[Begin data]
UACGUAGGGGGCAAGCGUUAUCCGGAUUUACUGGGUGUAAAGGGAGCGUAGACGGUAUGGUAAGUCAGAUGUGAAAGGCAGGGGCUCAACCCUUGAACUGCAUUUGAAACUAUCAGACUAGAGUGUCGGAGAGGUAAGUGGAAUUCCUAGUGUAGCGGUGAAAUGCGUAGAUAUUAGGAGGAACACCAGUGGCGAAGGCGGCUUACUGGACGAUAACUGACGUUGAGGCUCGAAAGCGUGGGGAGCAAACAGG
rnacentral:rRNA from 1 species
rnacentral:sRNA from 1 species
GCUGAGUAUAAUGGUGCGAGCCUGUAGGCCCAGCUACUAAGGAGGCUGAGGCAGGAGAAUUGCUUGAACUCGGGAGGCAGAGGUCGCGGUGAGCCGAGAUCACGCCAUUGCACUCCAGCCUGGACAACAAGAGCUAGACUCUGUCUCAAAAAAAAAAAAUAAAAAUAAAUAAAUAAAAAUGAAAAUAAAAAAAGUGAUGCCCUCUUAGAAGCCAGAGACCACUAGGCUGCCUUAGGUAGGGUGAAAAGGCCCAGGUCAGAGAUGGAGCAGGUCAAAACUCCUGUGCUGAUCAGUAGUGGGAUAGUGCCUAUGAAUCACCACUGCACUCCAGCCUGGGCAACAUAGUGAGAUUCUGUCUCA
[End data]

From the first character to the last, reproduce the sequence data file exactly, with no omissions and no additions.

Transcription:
UACGUAGGGGGCAAGCGUUAUCCGGAUUUACUGGGUGUAAAGGGAGCGUAGACGGUAUGGUAAGUCAGAUGUGAAAGGCAGGGGCUCAACCCUUGAACUGCAUUUGAAACUAUCAGACUAGAGUGUCGGAGAGGUAAGUGGAAUUCCUAGUGUAGCGGUGAAAUGCGUAGAUAUUAGGAGGAACACCAGUGGCGAAGGCGGCUUACUGGACGAUAACUGACGUUGAGGCUCGAAAGCGUGGGGAGCAAACAGG
rnacentral:rRNA from 1 species
rnacentral:sRNA from 1 species
GCUGAGUAUAAUGGUGCGAGCCUGUAGGCCCAGCUACUAAGGAGGCUGAGGCAGGAGAAUUGCUUGAACUCGGGAGGCAGAGGUCGCGGUGAGCCGAGAUCACGCCAUUGCACUCCAGCCUGGACAACAAGAGCUAGACUCUGUCUCAAAAAAAAAAAAUAAAAAUAAAUAAAUAAAAAUGAAAAUAAAAAAAGUGAUGCCCUCUUAGAAGCCAGAGACCACUAGGCUGCCUUAGGUAGGGUGAAAAGGCCCAGGUCAGAGAUGGAGCAGGUCAAAACUCCUGUGCUGAUCAGUAGUGGGAUAGUGCCUAUGAAUCACCACUGCACUCCAGCCUGGGCAACAUAGUGAGAUUCUGUCUCA